Solving algorithm:

(1)Representative algorithms:

MPP           Algorithm designed by Minghua Zhang 

Reprogramed by Lingling Wang using java

MGCS          based on GCS

(2)The algorithms we design

MAPB        based on Incomplete Nettree

MAPD          based on Incomplete Nettree

MAPBOK          based on MAPB

(3)The input parameters of all algorithms:

The input parameters of all other algorithms except for MAPBOK include "a file path of bio-sequence(generally a *.txt file which contains the subject sequence, such as ' e:\ax1000.txt')", "a minimum gap", "a maximum gap", "a threshold" and "the possible maximum length of frequent patterns". For MAPBOK, the input parameters include "a file path of bio-sequence(similar to the other algorithms)", "a minimum gap","a maximum gap", "a threshold", "the value of K to ensure the number of frequent patterns printed" and "the extension factor e (a smaller number, such as 1, 1.5, 2 or 3 and so on)".

Experimental data

Table1. Bio-data sequences

 sequence the name of segment length data source experimental data S1 AX1000 1000 S2 AX2000 2000 S3 AX4000 4000 Homo Sapiens AX829174 S4 AX8000 8000 S5 AX10011 10011 S6 AL20000 20000 S7 AL40000 40000 S8 AL80000 80000 S9 AL167005 167005 S10 AB15000 15000 S11 AB30000 30000 S12 AB60000 60000 S13 AB131892 131892

Experimental environment and results

All experiments run on a laptop with Pentium(R) Dual-Core T4500@ 2.30GHz CPU and 2.0 GB of RAM, Windows 7. Java Development Kit (JDK) 1.6.0 is used to develop all algorithms. In these experiments,the greatest length of frequent patterns is considered to be 13, the minimum and maximum gap constraints are 9 and 12, respectively and the threshold is 3*10^-5. What is more, considering that the default stack memory of JVM is too small, we assign 1GB memory space for every algorithm.An console running instance of MAPD is" javac MAPD.java, java -Xms1024M -Xmx1024M MAPD". Table 2 shows the mining result of every sequence.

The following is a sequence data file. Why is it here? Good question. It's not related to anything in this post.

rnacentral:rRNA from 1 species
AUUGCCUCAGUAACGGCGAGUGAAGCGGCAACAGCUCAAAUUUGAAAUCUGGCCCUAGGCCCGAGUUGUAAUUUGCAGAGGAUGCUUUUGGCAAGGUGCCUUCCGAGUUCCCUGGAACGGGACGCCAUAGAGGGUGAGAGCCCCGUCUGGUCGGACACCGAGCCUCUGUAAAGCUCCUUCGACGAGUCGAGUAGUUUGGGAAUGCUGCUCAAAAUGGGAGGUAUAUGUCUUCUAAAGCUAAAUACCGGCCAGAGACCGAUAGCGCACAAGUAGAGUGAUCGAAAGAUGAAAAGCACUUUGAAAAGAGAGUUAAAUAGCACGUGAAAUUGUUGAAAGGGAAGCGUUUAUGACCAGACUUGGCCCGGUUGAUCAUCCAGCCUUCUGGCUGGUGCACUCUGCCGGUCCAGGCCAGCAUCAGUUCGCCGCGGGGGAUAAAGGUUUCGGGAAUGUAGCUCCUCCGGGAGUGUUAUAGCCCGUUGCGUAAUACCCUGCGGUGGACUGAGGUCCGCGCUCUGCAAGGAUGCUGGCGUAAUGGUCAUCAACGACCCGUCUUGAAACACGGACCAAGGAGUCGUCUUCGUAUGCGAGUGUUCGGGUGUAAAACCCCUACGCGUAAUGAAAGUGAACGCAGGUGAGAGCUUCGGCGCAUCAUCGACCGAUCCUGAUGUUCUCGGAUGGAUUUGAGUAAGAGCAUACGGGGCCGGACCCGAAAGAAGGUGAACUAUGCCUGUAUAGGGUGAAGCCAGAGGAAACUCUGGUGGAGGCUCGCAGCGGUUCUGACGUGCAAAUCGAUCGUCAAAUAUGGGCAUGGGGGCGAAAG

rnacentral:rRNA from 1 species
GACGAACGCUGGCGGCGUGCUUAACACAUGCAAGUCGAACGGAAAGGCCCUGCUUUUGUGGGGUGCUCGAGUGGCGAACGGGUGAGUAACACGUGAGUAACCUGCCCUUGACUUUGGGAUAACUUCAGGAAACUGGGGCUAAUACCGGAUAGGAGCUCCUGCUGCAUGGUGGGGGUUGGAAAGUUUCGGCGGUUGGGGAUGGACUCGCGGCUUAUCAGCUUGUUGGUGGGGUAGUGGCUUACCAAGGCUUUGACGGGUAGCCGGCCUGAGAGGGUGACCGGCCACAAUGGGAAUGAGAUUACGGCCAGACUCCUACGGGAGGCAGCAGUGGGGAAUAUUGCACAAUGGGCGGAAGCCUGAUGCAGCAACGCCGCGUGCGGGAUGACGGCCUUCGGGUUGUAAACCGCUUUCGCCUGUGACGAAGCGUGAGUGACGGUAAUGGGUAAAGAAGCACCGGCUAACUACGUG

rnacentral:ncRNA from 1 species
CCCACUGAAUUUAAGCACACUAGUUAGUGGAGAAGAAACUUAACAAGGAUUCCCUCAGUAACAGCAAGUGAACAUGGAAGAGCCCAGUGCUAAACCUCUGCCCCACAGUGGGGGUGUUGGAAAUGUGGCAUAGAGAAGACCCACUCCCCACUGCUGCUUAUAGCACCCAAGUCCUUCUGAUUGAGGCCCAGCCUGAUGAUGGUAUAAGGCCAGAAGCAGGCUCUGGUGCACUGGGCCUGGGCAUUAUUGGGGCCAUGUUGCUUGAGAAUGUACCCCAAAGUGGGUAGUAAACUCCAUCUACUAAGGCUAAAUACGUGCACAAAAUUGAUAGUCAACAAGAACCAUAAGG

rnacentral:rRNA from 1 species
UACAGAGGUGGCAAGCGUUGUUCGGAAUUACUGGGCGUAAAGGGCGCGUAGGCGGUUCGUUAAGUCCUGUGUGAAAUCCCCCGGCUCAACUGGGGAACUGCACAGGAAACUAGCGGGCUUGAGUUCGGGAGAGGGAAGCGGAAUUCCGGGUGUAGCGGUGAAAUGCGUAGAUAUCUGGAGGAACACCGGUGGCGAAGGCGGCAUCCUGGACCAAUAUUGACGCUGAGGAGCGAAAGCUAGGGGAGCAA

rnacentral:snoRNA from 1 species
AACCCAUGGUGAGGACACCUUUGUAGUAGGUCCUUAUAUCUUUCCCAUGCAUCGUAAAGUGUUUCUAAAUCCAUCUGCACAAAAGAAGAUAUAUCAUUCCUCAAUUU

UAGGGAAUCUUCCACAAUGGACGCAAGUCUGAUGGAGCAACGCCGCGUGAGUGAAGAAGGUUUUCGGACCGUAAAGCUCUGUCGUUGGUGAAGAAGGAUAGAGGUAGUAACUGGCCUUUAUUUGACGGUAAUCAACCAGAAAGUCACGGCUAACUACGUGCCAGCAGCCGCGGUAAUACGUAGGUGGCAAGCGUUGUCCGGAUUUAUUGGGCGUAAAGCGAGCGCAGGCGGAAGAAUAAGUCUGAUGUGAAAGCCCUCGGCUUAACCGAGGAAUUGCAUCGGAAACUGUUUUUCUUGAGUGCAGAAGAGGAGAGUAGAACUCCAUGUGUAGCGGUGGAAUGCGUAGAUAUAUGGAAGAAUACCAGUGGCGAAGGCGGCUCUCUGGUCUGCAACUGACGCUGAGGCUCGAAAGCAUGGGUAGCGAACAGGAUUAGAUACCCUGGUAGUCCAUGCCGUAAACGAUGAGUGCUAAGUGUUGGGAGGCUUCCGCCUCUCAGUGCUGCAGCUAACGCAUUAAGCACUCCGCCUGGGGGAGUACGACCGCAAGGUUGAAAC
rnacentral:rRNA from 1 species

Table2. Mining results

 sequence the number of frequent patterns for various lengths the greatest length of frequent patterns S1 4,16,64,256,1024,4096,13374,5678,1514,623, 242, 55, 12 13 S2 4,16,64,256,1024,4096,15205,3436,350,85,8,3 12 S3 4,16,64,256,1024,4096,15965,1937,59,3 10 S4 4,16,64,256,1024,4096,14970,4283,241,1 10 S5 4,16,64,256,1024,4096,14422,4811,299,1 10 S6 4,16,64,256,1024,4096,12619,7068,614,8 10 S7 4,16,64,256,1024,4096,12388,6960,749,11 10 S8 4,16,64,256,1024,4096,12947,6303,666,11 10 S9 4,16,64,256,1024,4096,13438,5767,604,1 10 S10 4,16,64,256,1024,4096,12507,7197,563,2 10 S11 4,16,64,256,1024,4096,11126,7634,1164,54,1 11 S12 4,16,64,256,1024,4096,12799,6404,699,11 10 S13 4,16,64,256,1024,4096,12913,6558,672,11 10

 Zhang M, Kao B, Cheung DW, Yip KY (2007) Mining periodic patterns with gap requirement from sequences. ACM Transactions on Knowledge Discovery from Data, 1(2): Article No. 7

 Zhu X, X. Wu (2007) Mining complex patterns across sequences with gap requirements. In: Proceedings of the 20th International Joint Conference on Artificial Intelligence, Hyderabad, India, pp 2934-2940

 Min F, Wu Y, Wu X (2012) The Apriori property of sequence pattern mining with wildcard gaps. International Journal Functional Informatics and Personalised Medicine. 4(1): 15–31